Pacific Capital Retail has given up on Paseo Nuevo and the former Macy’s Building.
The company handed back leases to its lenders in lieu of foreclosure, according to Santa Barbara County Public records.
The company had fallen significantly behind on loan payments, and rather than face foreclosure, gave the leases to its lendor, said Sarah Knecht, assistant city attorney.
The transfer was recorded Aug. 4.
Calls to Pacific Capital Retail and local Paseo Nuevo representatives were not returned on Thursday.
The idea of a new owner has locals shimmering at the possibility that a new company would be open to re-imagining the mall and building housing at the site.
“I would suspect that at some point sooner rather than later they would be looking to bring on a new operator, through most likely a sale, as opposed to hiring a property manager,” said Jason Harris, Santa Barbara economic development manager. “This is really exciting and has a lot of potential.”
Paseo Nuevo, built in 1990, is the downtown’s most iconic property, and responsible for the revitalization of the area from surf and T-shirt shops and liquor stores on State Street. But with the rise of online retail, the mall’s purpose and future have been clouded in controversy.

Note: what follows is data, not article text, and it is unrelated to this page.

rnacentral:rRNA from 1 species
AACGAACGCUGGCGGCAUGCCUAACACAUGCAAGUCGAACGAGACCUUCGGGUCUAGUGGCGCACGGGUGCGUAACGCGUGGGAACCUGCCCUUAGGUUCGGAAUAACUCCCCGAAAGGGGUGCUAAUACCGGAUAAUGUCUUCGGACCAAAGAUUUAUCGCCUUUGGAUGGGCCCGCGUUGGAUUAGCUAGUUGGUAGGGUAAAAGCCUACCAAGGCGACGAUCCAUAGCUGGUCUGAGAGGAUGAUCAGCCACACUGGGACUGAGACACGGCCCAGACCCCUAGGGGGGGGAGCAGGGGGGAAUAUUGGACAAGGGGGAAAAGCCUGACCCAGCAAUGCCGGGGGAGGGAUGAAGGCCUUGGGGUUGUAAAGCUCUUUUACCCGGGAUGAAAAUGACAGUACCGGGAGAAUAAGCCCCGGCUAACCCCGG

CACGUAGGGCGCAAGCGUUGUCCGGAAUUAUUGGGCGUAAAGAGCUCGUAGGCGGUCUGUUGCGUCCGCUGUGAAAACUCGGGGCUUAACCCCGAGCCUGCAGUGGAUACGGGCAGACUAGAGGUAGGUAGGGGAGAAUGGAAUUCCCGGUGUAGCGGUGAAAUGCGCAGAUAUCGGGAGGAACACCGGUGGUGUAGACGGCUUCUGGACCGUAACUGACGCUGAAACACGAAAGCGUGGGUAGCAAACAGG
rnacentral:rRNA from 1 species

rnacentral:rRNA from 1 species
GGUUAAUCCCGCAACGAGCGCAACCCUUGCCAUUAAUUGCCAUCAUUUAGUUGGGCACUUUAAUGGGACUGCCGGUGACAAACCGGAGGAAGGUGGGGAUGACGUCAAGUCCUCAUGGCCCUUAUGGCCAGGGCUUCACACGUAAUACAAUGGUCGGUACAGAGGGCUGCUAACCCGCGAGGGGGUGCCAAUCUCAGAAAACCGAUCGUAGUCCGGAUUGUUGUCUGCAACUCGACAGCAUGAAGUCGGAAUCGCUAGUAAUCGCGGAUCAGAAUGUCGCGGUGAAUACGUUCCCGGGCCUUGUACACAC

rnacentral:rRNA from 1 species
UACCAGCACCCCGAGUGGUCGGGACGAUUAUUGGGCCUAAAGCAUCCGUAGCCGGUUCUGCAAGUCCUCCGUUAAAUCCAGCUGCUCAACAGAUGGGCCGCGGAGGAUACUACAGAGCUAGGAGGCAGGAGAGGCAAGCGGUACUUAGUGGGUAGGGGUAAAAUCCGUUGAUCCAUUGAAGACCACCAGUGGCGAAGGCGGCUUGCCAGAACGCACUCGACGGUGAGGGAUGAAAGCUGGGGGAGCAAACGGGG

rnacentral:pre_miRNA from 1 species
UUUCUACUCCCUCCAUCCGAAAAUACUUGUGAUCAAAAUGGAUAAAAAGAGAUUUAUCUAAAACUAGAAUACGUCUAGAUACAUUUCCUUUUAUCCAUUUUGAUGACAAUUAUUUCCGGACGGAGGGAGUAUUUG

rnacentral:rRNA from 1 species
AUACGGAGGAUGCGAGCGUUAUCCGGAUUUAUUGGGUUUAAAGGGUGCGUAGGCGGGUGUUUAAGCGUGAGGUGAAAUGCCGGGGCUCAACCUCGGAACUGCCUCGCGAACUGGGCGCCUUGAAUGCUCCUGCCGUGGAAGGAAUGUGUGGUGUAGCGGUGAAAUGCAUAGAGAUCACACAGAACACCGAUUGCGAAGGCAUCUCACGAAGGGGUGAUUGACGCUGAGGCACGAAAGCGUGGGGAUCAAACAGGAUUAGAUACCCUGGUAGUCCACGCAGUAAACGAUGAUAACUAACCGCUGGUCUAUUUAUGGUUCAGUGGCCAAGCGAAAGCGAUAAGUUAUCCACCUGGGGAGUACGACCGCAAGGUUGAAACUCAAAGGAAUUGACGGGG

There’s both a philosophical and economical debate over whether the mall, at 739 State St., should continue in its current form as an open-air shopping center with occasional outdoor entertainment activities, or if the city should require the mall’s owners to take bold and dramatic steps to reinvent the area to create a contemporary mashup of housing, experiential activities, small retail, art and vendors.
While malls are dying across the nation as corporations scale back, file for bankruptcy or close altogether, questions remain about whether Paseo Nuevo has jumped the shark in its effectiveness as a destination for tourists and locals.
Pacific retail also owned the old Macy’s building, but not the Nordstrom building, which has been targeted for commercial offices by its owner. The mall’s lease with the city began in 1990 and extends through 2064.
The mall’s owners in 2020 attempted to secure a development agreement with the city, and wanted an option to extend the lease through 2093 and continue to lease the space long term without paying rent for the space.
The mall owners agreed to several financial payments to the city, including $20 million in infrastructure and tenant improvements — concessions that it felt equated to rent.
The city Planning Commission balked at the deal, however. With Santa Barbara facing extreme pressure from the state to find places to build 8,000 more housing units by 2031, city leaders and developers have targeted Paseo Nuevo as the perfect spot for that purpose.
“The city is going to be strategic and thoughtful about how we look to partner with a potential new owner of the site,” Harris said.
He said he’s not surprised by the sudden twist of events.